Discovery at the VICB
Electrifying Control of DNA Replication
By: Carol A. Rouzer, VICB Communications
Published: March 6, 2017
Charge transfer through DNA triggers redox chemistry at the [4Fe4S] center of DNA primase that modulates enzymatic function.
A remarkable, but rather obscure property of DNA is its ability to transfer an electrical charge over a great distance. Attributed to the pi stacking of bases in the core of the double helix, this charge transfer (CT) capability opens the possibility that DNA can participate in redox-based signaling involving molecules bound to the duplex. Consistent with this hypothesis is the discovery that a substantial number of DNA-processing enzymes contain [4Fe4S] clusters that can serve as redox centers within the proteins. Cells expend considerable energy and resources to construct these clusters, so they likely play an important role in the regulation of protein function. To gain new insight into the redox-mediated control of one of these [4Fe4S] cluster-containing enzymes, Vanderbilt Institute of Chemical Biology member Walter Chazin, his collaborator Jacqueline Barton (California Institute of Technology), and their laboratories launched a detailed study of the human DNA primase. They now report that DNA CT modulates the binding affinity and activity of DNA primase through redox chemistry at the [4Fe4S] cluster contained in the enzyme's regulatory p58 subunit [E. O'Brien et al., (2017) Science, 355, eaag1789].
DNA replication always starts with the synthesis of a short (8 to 12 nucleotides) RNA primer that is complementary to the DNA template. DNA primase is the enzyme responsible for constructing this primer. Primase works in collaboration with DNA polymerase α (pol α), which adds ~20 nucleotides of DNA to the primer before handing off the task of further extension to one of the more processive DNA polymerases. Primase and pol α act together as a heterotetrameric complex, to which each enzyme contributes a catalytic subunit and a regulatory subunit containing a [4Fe4S] cluster. The Chazin and Barton laboratories hypothesized that the [4Fe4S] clusters serve as redox-dependent switches to regulate primer synthesis and/or hand-off, and that DNA CT is the mechanism by which oxidation and reduction of the clusters occur.
To test their hypothesis, the investigators constructed gold-surfaced electrodes that they incubated with DNA duplexes bearing a terminal alkane-thiol moiety. The thiol functionality facilitated binding of the DNA to the gold surface, while a 3-nucleotide 5′ single-stranded overhang at the opposite end provided a binding site for the [4Fe4S]-containing C-terminal domain of human DNA primase (p58C). The resulting electrodes enabled the investigators to deliver an electric charge directly to associated p58C via CT through the DNA bound to the electrode surface. Using this device the investigators could apply a constant potential of +412 mV [versus the normal hydrogen electrode (NHE)] to a solution containing p58C to convert the [4Fe4S] center to the fully oxidized state ([4Fe4S]3+), or they could apply a potential of -188 mV (versus the NHE) to fully reduce the center to the [4Fe4S]2+ state. Alternatively, the use of cyclic voltametry to apply a gradually increasing or decreasing potential enabled them to monitor redox activity at the [4Fe4S] center as detected by changes in current flow.
Initial studies using cyclic voltametry of p58C in the presence of ATP revealed a reversible oxidation and reduction of the [4Fe4S] center in the range of 145-150 mV (versus the NHE). This was not observed in the absence of ATP. The investigators hypothesized that, in the presence of ATP which is a substrate for primase, the p58C subunit becomes tightly associated to the electrode-bound DNA, enabling a facile oxidation and reduction of the [4Fe4S] center via CT.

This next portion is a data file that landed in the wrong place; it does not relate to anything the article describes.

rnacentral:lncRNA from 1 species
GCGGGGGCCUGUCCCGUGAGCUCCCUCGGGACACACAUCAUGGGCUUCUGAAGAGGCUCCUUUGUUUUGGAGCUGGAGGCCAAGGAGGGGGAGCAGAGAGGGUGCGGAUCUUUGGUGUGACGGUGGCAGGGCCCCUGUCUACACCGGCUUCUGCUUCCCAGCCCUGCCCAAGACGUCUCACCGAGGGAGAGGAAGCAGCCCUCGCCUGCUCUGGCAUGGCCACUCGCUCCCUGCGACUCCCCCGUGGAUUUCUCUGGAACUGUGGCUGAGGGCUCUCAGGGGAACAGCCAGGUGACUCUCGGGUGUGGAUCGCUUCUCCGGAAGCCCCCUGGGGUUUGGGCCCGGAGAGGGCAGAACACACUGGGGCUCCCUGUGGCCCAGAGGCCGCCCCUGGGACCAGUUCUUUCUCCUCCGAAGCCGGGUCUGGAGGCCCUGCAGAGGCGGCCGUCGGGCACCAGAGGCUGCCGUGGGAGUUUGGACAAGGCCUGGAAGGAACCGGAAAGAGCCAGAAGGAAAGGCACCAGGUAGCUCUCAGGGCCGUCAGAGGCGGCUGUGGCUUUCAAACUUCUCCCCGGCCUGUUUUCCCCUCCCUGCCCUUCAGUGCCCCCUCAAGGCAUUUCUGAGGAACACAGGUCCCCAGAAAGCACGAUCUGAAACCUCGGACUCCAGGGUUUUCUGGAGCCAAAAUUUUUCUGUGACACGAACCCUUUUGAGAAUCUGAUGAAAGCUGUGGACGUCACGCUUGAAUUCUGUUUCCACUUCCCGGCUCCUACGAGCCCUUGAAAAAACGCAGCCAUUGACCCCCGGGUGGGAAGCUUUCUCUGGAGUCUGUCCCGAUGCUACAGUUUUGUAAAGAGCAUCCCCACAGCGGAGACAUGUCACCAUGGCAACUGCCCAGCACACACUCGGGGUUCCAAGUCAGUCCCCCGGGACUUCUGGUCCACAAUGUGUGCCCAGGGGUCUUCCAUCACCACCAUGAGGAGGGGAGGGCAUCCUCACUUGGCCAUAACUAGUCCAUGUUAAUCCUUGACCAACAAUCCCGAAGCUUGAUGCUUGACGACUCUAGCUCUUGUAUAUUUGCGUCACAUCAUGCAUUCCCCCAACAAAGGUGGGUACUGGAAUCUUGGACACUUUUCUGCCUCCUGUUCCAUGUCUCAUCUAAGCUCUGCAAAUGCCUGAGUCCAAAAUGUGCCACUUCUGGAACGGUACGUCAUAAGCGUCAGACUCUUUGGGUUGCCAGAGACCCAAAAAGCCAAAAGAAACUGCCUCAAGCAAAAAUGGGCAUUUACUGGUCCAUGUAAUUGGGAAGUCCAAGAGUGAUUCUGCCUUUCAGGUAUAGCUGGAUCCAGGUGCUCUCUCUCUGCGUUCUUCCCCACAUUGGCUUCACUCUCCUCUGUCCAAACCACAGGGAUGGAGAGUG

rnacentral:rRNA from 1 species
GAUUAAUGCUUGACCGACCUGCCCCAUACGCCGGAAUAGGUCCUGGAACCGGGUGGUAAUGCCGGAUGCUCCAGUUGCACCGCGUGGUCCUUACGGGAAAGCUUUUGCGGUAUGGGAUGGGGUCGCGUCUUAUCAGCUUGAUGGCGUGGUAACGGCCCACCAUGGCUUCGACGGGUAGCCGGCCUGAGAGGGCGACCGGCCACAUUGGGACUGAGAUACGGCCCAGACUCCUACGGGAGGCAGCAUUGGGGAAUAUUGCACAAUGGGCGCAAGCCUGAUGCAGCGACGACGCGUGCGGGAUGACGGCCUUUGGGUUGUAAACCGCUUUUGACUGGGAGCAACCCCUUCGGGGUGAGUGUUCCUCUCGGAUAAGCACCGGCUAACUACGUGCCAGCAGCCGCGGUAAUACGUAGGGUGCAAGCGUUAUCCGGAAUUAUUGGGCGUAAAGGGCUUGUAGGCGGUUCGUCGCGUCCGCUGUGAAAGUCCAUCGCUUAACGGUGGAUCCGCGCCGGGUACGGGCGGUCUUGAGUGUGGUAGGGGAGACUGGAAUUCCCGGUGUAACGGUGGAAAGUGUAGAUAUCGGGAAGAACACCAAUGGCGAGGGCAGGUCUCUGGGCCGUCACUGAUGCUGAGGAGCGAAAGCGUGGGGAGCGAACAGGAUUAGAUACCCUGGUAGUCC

The p58C appeared to be unresponsive to CT-mediated redox reactions in the absence of ATP. However, the investigators discovered that, following bulk oxidation of the [4Fe4S] center, cyclic voltametry revealed a single reduction event occurring at -130 to -140 mV (versus the NHE). This reduction was irreversible, and did not recur on subsequent cycles. No similar redox event occurred upon cyclic voltametry following bulk reduction of p58C (Figure 1). However, the process of bulk oxidation followed by cyclic voltametry could be repeated multiple times with the same single reduction event observed every time. An interesting observation was that the magnitude of the reduction event increased with each repeated oxidation and reduction. To explain these results, the researchers proposed that oxidation of the [4Fe4S] cluster leads to an increase in affinity of p58C for DNA and that the resulting tight association with DNA renders the protein susceptible to CT-dependent reduction of the center. It is this reduction that is observed during cyclic voltametry, and it produces a loss of affinity and associated resistance to CT-dependent processes. Thus, it requires bulk oxidation to return p58C to its CT-susceptible state. However, with each succeeding oxidation, the investigators proposed that more of the protein is oxidized, thereby explaining the increased signal with each successive repeat of the process.
FIGURE 1. Overview of the experimental design. (A) Sixteen DNA-coated gold electrodes (circles, center) are located on a chip that is divided into four sections. This arrangement allows simultaneous data collection from four distinct experimental conditions. In this case, one quadrant each is undergoing bulk oxidation, bulk reduction, no electrolysis, or cyclic voltametry as labeled. (B) Schematic showing the effect of redox modulation on p58C binding. p58C (brown) containing a reduced [4Fe4S] center (red) exhibits only moderate affinity for the DNA attached to the gold electrode. Bulk oxidation of the [4Fe4S] center (blue) by application of a positive potential results in an increased affinity and tight binding to the DNA. (C) Following bulk oxidation, cyclic voltametry carried out with increasingly negative potential leads to a reduction event as observed by a peak of current between -100 and -200 mV (blue). No such event occurs when the potential is cycled back to positive, or on subsequent cycles. (D) No redox events are observed upon cyclic voltametry of p58C following bulk reduction. Figure reprinted by permission from AAAS from E. O'Brien et al., (2017) Science, 355, eaag1789. Copyright 2017, AAAS.